I wish it was that easy, but it’s not. In this video, Morgen talks about how hard it really is to shoot next to blazing hot volcanoes. He also gives some insight into what it takes and what one must learn if you ever decide to go out and do it too.
And please . . . if you ever do go out there, be safe!
Anthony Neste has been a photographer for many years. He started off taking sports photography and then he took photos for networks like HBO. Nowadays, he’s shooting beautiful women.
I first came across Anthony Neste on Model Mayhem where I marvelled at the great photographs and beautiful women he’s worked with.
Neste happens to also be a great photography educator. After talking with him I learned a TON. Make sure to check out his workshops.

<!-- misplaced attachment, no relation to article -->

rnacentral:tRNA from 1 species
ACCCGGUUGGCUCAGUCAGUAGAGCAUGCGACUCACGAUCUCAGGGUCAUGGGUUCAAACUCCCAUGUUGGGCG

If you’re stressed out from the daily grind. From having too much on your plate, or simply from all the emails and facebook status updates. Here’s a video that will help you relax, and most definitely inspire you. It was created by photographer Shawn Malone in Northern Michigan over the course of a year.
He took more than 10 thousand images of the dark skies around his home to complete it. And the result is beautiful. The images (best viewed full-screen and with the room dark as midnight) work with the accompanying music to create a truly relaxing experience–’oceanic’ would be another way of describing it.
Share with all your stressed out photographer friends!
I first saw Erica Coburn’s work on Flickrista and was immediately drawn to its painterly qualities. When I asked her to describe her own work Coburn called it, ethereal, surreal, and delicate. I would add something else: precocious. I would’ve never guessed that these photographs were the work of an 18 year old. Or that Dublin based Coburn has only been into photography for a few years. The images I saw were lush, the lighting soft, and the mood, sombre. They seemed too focused for someone, technically, still beginning.